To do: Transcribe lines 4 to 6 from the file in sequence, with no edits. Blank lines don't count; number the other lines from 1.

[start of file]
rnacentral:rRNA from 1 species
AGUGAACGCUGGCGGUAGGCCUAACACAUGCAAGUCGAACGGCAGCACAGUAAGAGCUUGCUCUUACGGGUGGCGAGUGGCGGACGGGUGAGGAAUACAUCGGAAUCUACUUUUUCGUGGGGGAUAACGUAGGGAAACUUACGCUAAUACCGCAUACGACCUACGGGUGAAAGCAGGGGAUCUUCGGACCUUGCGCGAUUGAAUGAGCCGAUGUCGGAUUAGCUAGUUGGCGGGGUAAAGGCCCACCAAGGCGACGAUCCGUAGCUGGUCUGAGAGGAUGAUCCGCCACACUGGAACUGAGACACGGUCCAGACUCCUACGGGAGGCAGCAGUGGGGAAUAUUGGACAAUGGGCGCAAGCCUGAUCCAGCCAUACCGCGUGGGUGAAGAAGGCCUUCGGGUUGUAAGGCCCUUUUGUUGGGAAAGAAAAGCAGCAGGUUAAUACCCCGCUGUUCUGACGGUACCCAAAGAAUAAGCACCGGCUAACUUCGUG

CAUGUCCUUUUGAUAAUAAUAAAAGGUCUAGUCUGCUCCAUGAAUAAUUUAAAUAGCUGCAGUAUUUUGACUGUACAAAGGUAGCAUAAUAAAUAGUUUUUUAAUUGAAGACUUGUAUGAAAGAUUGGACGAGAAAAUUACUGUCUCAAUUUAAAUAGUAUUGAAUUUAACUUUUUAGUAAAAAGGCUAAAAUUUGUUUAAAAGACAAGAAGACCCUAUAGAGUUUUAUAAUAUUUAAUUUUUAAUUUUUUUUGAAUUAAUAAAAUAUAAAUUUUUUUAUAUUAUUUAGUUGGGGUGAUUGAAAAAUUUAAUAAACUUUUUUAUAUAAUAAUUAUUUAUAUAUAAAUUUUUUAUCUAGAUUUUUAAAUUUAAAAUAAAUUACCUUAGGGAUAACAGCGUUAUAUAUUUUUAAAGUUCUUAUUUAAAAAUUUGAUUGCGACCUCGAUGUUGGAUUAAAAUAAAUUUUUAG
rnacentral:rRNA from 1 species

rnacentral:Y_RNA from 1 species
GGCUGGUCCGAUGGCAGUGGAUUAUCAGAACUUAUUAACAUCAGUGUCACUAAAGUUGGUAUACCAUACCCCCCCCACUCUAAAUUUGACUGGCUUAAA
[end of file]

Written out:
rnacentral:rRNA from 1 species

rnacentral:Y_RNA from 1 species
GGCUGGUCCGAUGGCAGUGGAUUAUCAGAACUUAUUAACAUCAGUGUCACUAAAGUUGGUAUACCAUACCCCCCCCACUCUAAAUUUGACUGGCUUAAA